AND if you guys have not seen the weight of 24-70mm maybe you should. I believe they gave it some thought and felt it wasnt necessary to add extra weight of VR. 900g on the new lens. (not that I am complaining) but I have seen people who by now should understand why these lenses are that heavy.
i'm pretty sure you all appreciate the VR in the 70-200...it does have its advantages as well the added weight & lenght penalty. but getting a sharper photo at low speed is well worth it. just don't quite get it...i mean if you can VR the 18-200, why not the top of the line??? yes, both are pretty hefty & all the more the need to stabilize it. this is just my opinion & not up for arguments.
btw, don't see any provision for mounting a filter on the 14-24...whats up w/ that??? and...upping the iso is not always a good option for me.
>i'm pretty sure you all appreciate the VR in the 70-200...it >does have its advantages as well the added weight & lenght >penalty. >but getting a sharper photo at low speed is well worth it. >just don't quite get it...i mean if you can VR the 18-200, >why not the top of the line??? >yes, both are pretty hefty & all the more the need to >stabilize it. >this is just my opinion & not up for arguments. > >btw, don't see any provision for mounting a filter on the >14-24...whats up w/ that??? >and...upping the iso is not always a good option for me. > >joe
Dont know I notice they didnt specify the filter size for 14-24mm.
I don't need VR in any lens. I learned to make my body into a tripod and breathe and exhale before shooting with 300mm Minolta Rokkor as low as 1/60 sec. (That lens weighs about 5 lbs.) Why is VR so important nowadays?--I think people got used to it on video cameras. In my opinion, we sometimes get too hooked on these technological crutches. Simpler is better!
That does it, as soon as they make a lens I want, they forget to put IS in it. I'm selling my D3 and switching to Canon!
(I'm joking, of course!)
I think the fact that these lenses are being introduced with the D3 and D300 with ISO 6400+ probably led Nikon to think that it wasn't worth the complexity and cost tradeoffs in these lenses. I certainly understand the value of VR at 25mm from the 18-200, but if one can just dial up ISO 6400 at f/2.8, that's the shutter speed equivalent of shooting at f/1.4 ISO 1600, which is pretty darn dark. Nevermind 25600 or whatever astronomical number Hi-2 is on the D3/300.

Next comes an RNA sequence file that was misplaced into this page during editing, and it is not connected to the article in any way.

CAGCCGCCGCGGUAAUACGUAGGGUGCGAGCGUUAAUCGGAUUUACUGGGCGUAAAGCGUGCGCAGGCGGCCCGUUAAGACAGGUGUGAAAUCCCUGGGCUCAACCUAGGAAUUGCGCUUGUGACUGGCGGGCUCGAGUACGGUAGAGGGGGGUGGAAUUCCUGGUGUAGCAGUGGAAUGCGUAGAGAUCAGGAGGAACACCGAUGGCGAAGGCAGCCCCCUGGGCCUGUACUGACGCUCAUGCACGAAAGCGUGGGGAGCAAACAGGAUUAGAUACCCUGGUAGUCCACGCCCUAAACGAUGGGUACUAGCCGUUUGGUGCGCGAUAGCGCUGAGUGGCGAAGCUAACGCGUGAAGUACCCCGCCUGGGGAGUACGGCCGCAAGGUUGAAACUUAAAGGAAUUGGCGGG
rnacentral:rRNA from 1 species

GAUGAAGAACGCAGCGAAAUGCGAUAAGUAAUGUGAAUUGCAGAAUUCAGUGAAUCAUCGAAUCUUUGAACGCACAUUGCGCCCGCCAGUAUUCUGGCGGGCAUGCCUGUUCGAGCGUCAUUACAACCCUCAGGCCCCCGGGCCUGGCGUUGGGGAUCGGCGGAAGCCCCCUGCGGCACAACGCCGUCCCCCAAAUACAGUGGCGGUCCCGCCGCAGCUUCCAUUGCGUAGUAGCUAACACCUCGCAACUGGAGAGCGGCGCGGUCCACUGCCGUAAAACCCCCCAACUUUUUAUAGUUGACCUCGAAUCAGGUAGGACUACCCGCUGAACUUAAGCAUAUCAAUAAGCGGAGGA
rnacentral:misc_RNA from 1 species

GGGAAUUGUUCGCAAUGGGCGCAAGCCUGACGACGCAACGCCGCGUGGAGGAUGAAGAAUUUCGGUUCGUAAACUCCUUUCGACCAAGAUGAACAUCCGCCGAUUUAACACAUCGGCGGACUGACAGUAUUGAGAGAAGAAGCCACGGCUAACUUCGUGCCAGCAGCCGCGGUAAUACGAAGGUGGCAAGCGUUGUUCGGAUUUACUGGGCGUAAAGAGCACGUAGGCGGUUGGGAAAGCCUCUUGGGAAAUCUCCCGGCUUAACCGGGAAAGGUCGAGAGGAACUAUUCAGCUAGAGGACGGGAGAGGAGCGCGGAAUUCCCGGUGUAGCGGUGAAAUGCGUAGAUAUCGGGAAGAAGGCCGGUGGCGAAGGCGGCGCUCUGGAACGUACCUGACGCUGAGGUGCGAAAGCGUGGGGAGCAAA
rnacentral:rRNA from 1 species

_____ Brian... a bicoastal Nikonian and Team Member
My gallery is online. Comments and critique welcomed any time!
I think there may be a few "pro" wedding photographers out there who would welcome VR in a normal zoom. Agreed, it may not be necessary on a D3 or D300 if the noise/contrast/color/etc is acceptable at ISO 800+ but that is yet to be seen. Len, unfortunately my skills won't allow me to reliably hand hold at 70mm ,f2.8 and say 1/30 sec....a not uncommon situation in a dimly lit church that precludes stobes/flash. At ~900g the 24-70 2.8 is no feather either so fatigue could potentially be an issue on a pro body. I would have gladly paid a premium for VR. Cheers Mark
>VR below 70mm makes not much sense, specially in products >aimed at the pro and advanced amateur market segments.
I very much disagree that VR doesn't make sense below 70mm. There is a good-sized segment of the market that does natural light portraiture (especially of children)--not to mention the wedding photographers.
I'd love to see VR in the 24-70 range for just this sort of application. A tripod is cumbersome for these types of shoots and I've often longed for VR in this range. I can normally get decent results at ISO 400 with a 1/60 or 1/90 shutterspeed, but the shots are not as sharp as they could be, and I get a fair number rejects due to camera shake.
I hope Nikon will see the light and add VR to these lenses in the near future, although they certainly have not given any indication that they plan to do so. It's a big mistake in my opinion.
~~~~~~~~~~~~~~~~~~~~~~~~~ Mike Sugar Land (Houston), Texas
>I very much disagree that VR doesn't make sense below 70mm. >There is a good-sized segment of the market that does >natural light portraiture (especially of children)--not to >mention the wedding photographers.
I do portraits of children in low light (and get paid for it) and my experience is that children move too fast for VR to be of much use. I seldom shoot children with a shutter speed of less than 1/100 which most people can hand hold out to 50 or 70mm on an APS size sensor. I often use a monopod as well. The VR is of much more use for weddings when the people are more or less standing still. I would pay extra for VR in the 24-70mm but I will end up buying it even without. I am a little surprised that Nikon didn't put it in - if only for appearances. Doug